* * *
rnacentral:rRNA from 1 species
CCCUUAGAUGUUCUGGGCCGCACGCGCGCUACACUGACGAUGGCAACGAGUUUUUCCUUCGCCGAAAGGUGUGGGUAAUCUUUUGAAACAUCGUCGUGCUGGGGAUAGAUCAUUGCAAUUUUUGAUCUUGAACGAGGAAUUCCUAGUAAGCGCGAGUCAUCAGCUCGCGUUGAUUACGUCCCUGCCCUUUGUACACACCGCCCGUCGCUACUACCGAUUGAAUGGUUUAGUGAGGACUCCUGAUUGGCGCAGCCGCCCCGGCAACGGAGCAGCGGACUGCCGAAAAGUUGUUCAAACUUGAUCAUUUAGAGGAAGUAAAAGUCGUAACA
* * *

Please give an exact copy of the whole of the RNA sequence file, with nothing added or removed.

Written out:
rnacentral:rRNA from 1 species
CCCUUAGAUGUUCUGGGCCGCACGCGCGCUACACUGACGAUGGCAACGAGUUUUUCCUUCGCCGAAAGGUGUGGGUAAUCUUUUGAAACAUCGUCGUGCUGGGGAUAGAUCAUUGCAAUUUUUGAUCUUGAACGAGGAAUUCCUAGUAAGCGCGAGUCAUCAGCUCGCGUUGAUUACGUCCCUGCCCUUUGUACACACCGCCCGUCGCUACUACCGAUUGAAUGGUUUAGUGAGGACUCCUGAUUGGCGCAGCCGCCCCGGCAACGGAGCAGCGGACUGCCGAAAAGUUGUUCAAACUUGAUCAUUUAGAGGAAGUAAAAGUCGUAACA